Health

null
Imaginechina via AP
Crowds of Chinese parents holding their babies who were fed with Sanlu milk powder wait
for examination at a hospital in Chongqing, China, Sept. 18
2008. (AP)

FDA to Establish Offices in China

November 17, 2008 02:58 PM
by findingDulcinea Staff
After a spate of consumer product scares originated in China, the Food and Drug Administration has decided to set up three offices there.

FDA Heading to China

facebook
Repeated safety scares from Chinese-made products have prompted the Food and Drug Administration to set up three offices in China, according to the Associated Press.

Starting this week, the offices will try to curb the problems that have plagued consumers over the last several months.

The AP reported that the office of U.S. Health and Human Services Secretary Mike Leavitt released a statement saying, "Establishing a permanent FDA presence in China will greatly enhance the speed and effectiveness of our regulatory cooperation and our efforts to protect consumers in both countries."

In 2007, consumers were troubled to learn that Chinese-made pet food had been contaminated with the industrial chemical melamine. Later that year, the concerns grew when lead paint and other harmful chemicals were detected in Chinese-made toys.

Earlier in 2008, tainted heparin, a medication that prevents blood from clotting, also found its way from China to the United States. And more recently, a scare involving melamine in Chinese milk products, including baby formula, raised international alarm.

These will be the first internationally-based FDA offices.

Background: Melamine causes problems in food supply

China's state media recently reported that the industrial chemical melamine is "probably being routinely added" to animal feed, according to the BBC. Some have viewed the report as a confession that melamine may be present in much more than milk, which has been blamed for sickening thousands of babies and killing at least four.

Investigators recently traced melamine in four brands of Chinese eggs, prompting speculation that animals in China are eating melamine-contaminated feed.

Chinese authorities have destroyed more than 3,600 tons of animal feed contaminated with melamine, and closed 238 illegal feed makers, according to the International Herald Tribune.

While some of China's state newspapers suggested there is a widespread practice of adding melamine to feed, the China Daily newspaper said, "We cannot say for sure if the same chemical has made its way into other types of food."

China is one of the largest food exporters in the world, making concerns over food safety even more troubling to some individuals.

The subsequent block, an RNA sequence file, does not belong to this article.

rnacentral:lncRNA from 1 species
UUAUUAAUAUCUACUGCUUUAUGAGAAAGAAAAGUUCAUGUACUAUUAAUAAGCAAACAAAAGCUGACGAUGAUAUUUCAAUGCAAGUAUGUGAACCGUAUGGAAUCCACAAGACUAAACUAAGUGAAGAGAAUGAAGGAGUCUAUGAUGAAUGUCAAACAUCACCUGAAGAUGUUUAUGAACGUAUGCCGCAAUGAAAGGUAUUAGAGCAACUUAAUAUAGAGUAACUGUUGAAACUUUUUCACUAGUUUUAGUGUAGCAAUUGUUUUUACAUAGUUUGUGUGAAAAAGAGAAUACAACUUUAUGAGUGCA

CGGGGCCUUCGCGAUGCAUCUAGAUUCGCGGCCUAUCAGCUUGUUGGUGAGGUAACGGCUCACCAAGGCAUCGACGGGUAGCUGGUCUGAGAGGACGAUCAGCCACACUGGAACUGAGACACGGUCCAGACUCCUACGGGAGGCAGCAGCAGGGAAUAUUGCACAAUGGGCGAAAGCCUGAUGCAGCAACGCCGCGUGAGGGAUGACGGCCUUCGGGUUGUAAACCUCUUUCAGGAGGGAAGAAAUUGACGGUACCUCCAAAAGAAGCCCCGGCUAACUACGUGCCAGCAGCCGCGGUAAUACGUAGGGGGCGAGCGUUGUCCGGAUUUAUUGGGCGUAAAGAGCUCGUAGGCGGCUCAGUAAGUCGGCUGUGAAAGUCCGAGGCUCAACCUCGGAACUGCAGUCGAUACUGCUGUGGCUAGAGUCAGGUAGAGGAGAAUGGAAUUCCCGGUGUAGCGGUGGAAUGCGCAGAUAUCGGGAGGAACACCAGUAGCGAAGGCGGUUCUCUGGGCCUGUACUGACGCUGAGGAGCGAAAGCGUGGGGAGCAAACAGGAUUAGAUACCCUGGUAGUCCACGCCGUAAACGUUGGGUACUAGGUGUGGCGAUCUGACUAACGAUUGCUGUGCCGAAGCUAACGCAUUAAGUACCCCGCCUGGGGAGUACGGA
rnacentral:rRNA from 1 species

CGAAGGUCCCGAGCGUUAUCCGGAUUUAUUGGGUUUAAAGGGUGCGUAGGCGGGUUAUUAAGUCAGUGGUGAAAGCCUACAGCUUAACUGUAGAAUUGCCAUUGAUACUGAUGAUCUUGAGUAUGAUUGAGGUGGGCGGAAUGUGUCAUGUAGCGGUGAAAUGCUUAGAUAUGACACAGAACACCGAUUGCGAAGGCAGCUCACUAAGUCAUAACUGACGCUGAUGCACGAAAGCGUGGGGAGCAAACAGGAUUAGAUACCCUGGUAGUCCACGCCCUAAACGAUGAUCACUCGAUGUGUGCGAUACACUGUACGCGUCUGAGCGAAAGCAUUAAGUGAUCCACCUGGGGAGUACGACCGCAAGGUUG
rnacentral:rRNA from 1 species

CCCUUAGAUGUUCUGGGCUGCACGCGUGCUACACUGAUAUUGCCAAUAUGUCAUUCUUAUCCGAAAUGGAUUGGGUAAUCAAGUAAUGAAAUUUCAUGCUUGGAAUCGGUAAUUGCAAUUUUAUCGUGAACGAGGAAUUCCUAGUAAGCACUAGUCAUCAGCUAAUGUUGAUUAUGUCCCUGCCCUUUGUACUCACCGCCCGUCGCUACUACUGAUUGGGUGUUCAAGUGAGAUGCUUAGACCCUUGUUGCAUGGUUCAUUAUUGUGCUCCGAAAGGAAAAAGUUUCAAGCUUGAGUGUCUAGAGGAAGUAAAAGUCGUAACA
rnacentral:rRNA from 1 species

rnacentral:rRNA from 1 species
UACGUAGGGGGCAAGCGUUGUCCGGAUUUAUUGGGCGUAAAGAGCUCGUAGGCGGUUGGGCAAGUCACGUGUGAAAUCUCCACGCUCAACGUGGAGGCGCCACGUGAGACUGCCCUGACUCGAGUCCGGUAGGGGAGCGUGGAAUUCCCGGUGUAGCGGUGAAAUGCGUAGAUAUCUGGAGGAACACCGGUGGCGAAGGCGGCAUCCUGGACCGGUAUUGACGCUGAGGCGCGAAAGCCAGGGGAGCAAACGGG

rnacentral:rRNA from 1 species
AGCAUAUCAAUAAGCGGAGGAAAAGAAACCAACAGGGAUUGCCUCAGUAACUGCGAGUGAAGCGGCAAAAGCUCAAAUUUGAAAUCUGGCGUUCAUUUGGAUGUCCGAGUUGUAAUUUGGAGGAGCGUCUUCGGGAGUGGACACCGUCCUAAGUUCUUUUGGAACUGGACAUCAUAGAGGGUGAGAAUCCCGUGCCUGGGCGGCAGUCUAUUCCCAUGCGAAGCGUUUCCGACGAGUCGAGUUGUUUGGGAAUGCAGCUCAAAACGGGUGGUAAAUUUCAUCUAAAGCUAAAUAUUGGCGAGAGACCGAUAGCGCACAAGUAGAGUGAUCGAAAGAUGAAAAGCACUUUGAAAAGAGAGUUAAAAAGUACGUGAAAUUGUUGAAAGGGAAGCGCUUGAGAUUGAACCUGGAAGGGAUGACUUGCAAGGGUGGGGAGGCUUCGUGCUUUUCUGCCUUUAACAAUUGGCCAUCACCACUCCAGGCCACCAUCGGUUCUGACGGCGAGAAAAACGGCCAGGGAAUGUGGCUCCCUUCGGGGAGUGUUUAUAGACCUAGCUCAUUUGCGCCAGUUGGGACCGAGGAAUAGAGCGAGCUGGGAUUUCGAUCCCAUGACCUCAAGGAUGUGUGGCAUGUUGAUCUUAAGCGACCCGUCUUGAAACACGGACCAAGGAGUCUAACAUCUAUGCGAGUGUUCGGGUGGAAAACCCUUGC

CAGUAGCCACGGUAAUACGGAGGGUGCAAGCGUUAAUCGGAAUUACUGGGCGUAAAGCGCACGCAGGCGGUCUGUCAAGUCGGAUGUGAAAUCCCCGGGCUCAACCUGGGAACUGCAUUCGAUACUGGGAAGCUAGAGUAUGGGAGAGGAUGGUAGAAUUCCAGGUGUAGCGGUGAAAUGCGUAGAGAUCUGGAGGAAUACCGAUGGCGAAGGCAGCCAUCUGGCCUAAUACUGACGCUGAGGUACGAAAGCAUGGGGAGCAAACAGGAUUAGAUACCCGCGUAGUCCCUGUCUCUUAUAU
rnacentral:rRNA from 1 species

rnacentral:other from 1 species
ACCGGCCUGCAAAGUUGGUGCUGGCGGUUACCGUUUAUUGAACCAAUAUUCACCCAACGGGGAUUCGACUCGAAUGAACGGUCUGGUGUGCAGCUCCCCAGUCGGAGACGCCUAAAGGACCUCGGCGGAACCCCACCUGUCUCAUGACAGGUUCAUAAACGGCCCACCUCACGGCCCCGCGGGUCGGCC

"It is illegal for any individual or any enterprise to add melamine into feed, and we will crack down uncompromisingly on melamine," Wang Zhicai, director of the animal husbandry and livestock bureau at the Agriculture Ministry, said at a news conference.

Melamine was also the culprit in the poisoning of thousands of babies in China. In October, the Chinese ministry offered a partial update of its official victim figures for the milk scare. As of Sept. 21, the official number of children hospitalized for melamine poisoning was at 13,371, reported Agence France-Presse. There were 10,666 children who remained hospitalized by Oct. 9, while 36,144 had been in the hospital but were allowed to return to their homes.

Thousands of others have received outpatient care, but a health ministry spokeswoman told AFP that they do not have updated figures on outpatients. On Sept. 21, it was reported that 39,965 children received outpatient care.

Ministry officials also said that while they do have updated figures for the total number of children affected so far by the milk scare, they will not make the information public.

Reuters reported that according to its analysis of local media reports across China, the number of affected children has reached almost 94,000—almost double the number of the ministry's last official count.

Despite the alarming numbers coming from all parts of the country, Chinese officials say that the epidemic is under control and that melamine has not been found in liquid milk in recent tests.

After infants in China became sick, worldwide concern over Chinese milk products developed. Some countries banned dairy imports from China, but at the time, authorities had only begun to consider the possibility that other products, such as candies, cakes and creams would also be contaminated.

Related Topic: Chinese pet food and toy scares

In 2007, investigators found that the Chinese manufacturers had been deliberately adding melamine to pet food, causing the deaths of some pets. The product was added to falsely boost the results of protein tests for the product.

Later that year, parents reacted with alarm as Chinese toys were recalled in massive numbers. The U.S. Consumer Product Safety Commission discovered that 4 million Chinese-made Aqua Dots toys contained a chemical that, if ingested, can turn into the date rape drug GHB, a chemical that can induce seizures or a coma. At least two children fell into a comatose state after coming into contact with Aqua Dots.
facebook

Most Recent Beyond The Headlines